Tuesday, January 3, 2012

Was Yissachar Really the One to Regulate the Calendar?

We are taught that the bracha given to Yissachar in this week’s parsha is a reference to the fact that his children were experts in astronomy. In fact, the Rambam takes for granted that there used to be many volumes written by the descendants of Yissachar that detailed the celestial movements (Kiddush HaChodesh 17:24). As such they were able to determine the appropriate times for Rosh Chodesh as well as other complexities within the calendar. This is seen by his comparison to a donkey which is capable of shouldering a heavy yoke in order to carry it for its master.

Perhaps, the similarity does not end there. The pasuk tells us that he has no rest and that he sleeps outside of the city. This might be part of how Chazal knew to specifically apply Yissachar’s yoke to the necessary knowledge of astronomy. As any astronomer knows, one must leave the city in order that the pollution and city lights not interfere with his observations (yes, even back then the heat from the fires and the associated lights would create viewing problems). Also, it is obvious that the astronomer must be awake in the nighttime and, therefore, he will not be getting much rest.

The question that one might ask is that it seems from the Gemara in Rosh Hashana (24-25) that the household of the nasi, the descendants of David HaMelech (from Yehuda not Yissachar), was charged with this knowledge (see Superhuman Sight post of August 5). This apparent contradiction can, perhaps, be resolved by the Radak’s commentary to Divrei HaYamim 1 12:32. The Radak mentions that it was necessary for the king to play a role in the process of implementing the calendar.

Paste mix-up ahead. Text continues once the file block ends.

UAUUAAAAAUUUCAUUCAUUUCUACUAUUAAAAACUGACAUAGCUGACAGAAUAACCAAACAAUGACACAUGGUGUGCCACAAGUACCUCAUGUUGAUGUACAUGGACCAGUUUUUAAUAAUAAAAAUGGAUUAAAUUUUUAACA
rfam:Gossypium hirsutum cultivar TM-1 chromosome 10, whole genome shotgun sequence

It would seem that Yissachar was never the one who actually made the calendar, he was just the advisor to the king. The king, himself, would make the final determination whether he wished to listen to Yissachar’s advice. Therefore, after the monarchy had been abolished, it was the king’s descendants, the houshold of the nasi, that were empowered with this decision making. This is similar to the donkey in the bracha. The donkey is not carrying the burden for himself, he is merely shouldering it for his master. Yissachar’s extensive knowledge of astronomy was not intended to be used by Yissachar, rather, the king would implement it, as necessary.

To leave off with an oddity found regarding the earlier pasuk from Divrei HaYamim, the Targum seems to mention that Yissachar was also alloted the task of serving as the official astrologers of Klal Yisrael. It would seem that they would read the stars for astrological signs and determine (and, perhaps, advise the king) of the future events and of the necssary actions that Klal Yisrael must take. This is an amazingly fascinating explanation because this practice is something that is deemed to be a biblical prohibition (see Y”D 179). For more on this
click here.

Also, for a celestial description of Yaakov's funeral click here.

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